The last twenty years have been tough for the news industry. Although I still subscribe to a daily newspaper (“Now available five days per week!”), the service is a bit of a dying art, as well as a decreasing source of income for media companies. As people look elsewhere for their information, news organizations are doing all they can to grab more eyeballs, and more advertising-generated income based on those views. And since “news” often means “bad news,” it’s no surprise that major newspapers push the misery in an attempt to reach a broader audience.
Consider, for example, an article from the Los Angeles Times, uploaded to the newspaper’s website on June 16, 2017. Coming on the heels of an announcement by President Trump that America will withdraw from the Paris Climate Agreement, the article, titled “‘Very unhealthy’ smog levels expected during heat wave, SoCal regulators warn,” raises environmental concerns stemming from a short-term confluence of pollution and high temperatures. The headline itself is accurate: officials at South Coast Air Quality Management District did issue a warning of “unhealthy to very unhealthy” air in tandem with a heatwave expected over the Los Angeles Basin in the upcoming days. But beyond that meaningful notification for those who may suffer from lung ailments, the story goes on to pontificate about the dire consequences of the AQMD’s statement.
The high point of the article is a graph showing levels of lung-damaging ozone in Southern California since the mid-1970s:
The article provides this conclusion immediately following the graph:
“The health warnings come as Southern California has experienced an increase in bad air days following decades of improving air quality.”
Using data from the AQMD’s web site, the article author buttresses this ominous caution by pointing out how “last year the region experienced its worst smog season in years, logging 132 bad air days and ozone concentrations not seen since 2009.”
Again, all of this information is accurate, and yet, instead of being a simple story about a short-term air alert, the article inserts forty years of pollution history, leading to a dire warning about “the worst smog season in years.” In other words: “We’re all gonna die!” Well, perhaps I’m reading a bit too much into the text, but the article nonetheless alters the true meaning of the data in a way that changes mundane news into the biggest news story you’ve heard about pollution this week. That ought to sell some papers.
The article exaggerates the impact of the core story by ignoring or misrepresenting three important aspects of the reported data. The first deals with “an increase in bad air days following decades of improving air quality.” That statement is based on a lone data point, the 2016 number, which shows 132 total bad-air days, compared to the 2015 number of 113 such days. But this higher 2016 data point comes in the midst of a downward trend in the data, one that includes localized ups and downs. Although the 2016 numbers are up, concluding that there is an overall increase “following decades of improving air quality” is a hasty generalization, since a lone data point is insufficient to indicate a reversing trend.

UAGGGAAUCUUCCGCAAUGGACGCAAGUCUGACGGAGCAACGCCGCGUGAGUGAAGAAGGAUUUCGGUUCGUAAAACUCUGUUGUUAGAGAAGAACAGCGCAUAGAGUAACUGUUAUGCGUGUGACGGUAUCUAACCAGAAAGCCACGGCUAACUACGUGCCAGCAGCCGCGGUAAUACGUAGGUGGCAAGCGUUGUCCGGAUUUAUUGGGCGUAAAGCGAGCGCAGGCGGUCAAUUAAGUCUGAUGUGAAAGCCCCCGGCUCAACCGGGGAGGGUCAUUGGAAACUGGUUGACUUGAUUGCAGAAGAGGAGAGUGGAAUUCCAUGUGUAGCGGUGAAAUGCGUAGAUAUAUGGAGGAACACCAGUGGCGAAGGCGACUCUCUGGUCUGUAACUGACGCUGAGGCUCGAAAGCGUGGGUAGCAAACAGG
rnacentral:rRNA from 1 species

Secondly, the graph included in the article, while meaningful, hides the fact that the standard by which air quality is measured in the Los Angeles area has been tweaked repeatedly since the 1970s. The plotted data uses the current federal standard, established in 2015, that defines unhealthy levels of ozone as anything beyond 70 parts per billion (PPB). But this new level represents the third adjustment to the standard over the years. The previous adjustments came in at 75 PPB in 2008, 80 PPB in 1997, and 120 PPB before that. As technology has brought a dramatic improvement in air quality, the standard has improved with it, but with the side effect that an errant use of this standard can indicate bad news when no such news exists. If the article had charted the number of bad-air days under the original 120 PPB standard, it would have shown a significant decrease between 1975 and 2016, from 194 bad-air days decades ago, down to just 17 such days last year. By adjusting the standard, the opportunity for panic remains high.
Finally, the article fails to take into account changes in population and technology that occurred over the 40 years covered by the chart. Population in the Greater Los Angeles region has nearly doubled over that timeframe, from around ten million in the mid-1970s, to near 19 million today. Despite this increase in residential numbers, and the parallel increase in automobiles, air quality in Southern California has continued to improve. And with the advent of hybrid and all-electric cars, there is every reason to expect this trend to continue unabated.
The article does not make any direct claim that calamity is coming. But by using a single data point to skew long-term conclusions, and by glossing over the history of improvement in the area, the text communicates an undertone of future death and destruction in the very air you breathe. This reporting style shows up across the spectrum of news topics. From healthcare to national politics, and from race relations to climate change, the trends as reported in national and local news sources paint a ghastly image of a doomed world.
Certainly there are truly bad-news stories, and it is entirely appropriate to understand current events and take action based on the latest information. But by turning anecdotes and even dull news into potential calamities, we run the risk of making choices that are even more harmful than the core data could ever predict.
[Image Credits: flickr/traveljunction]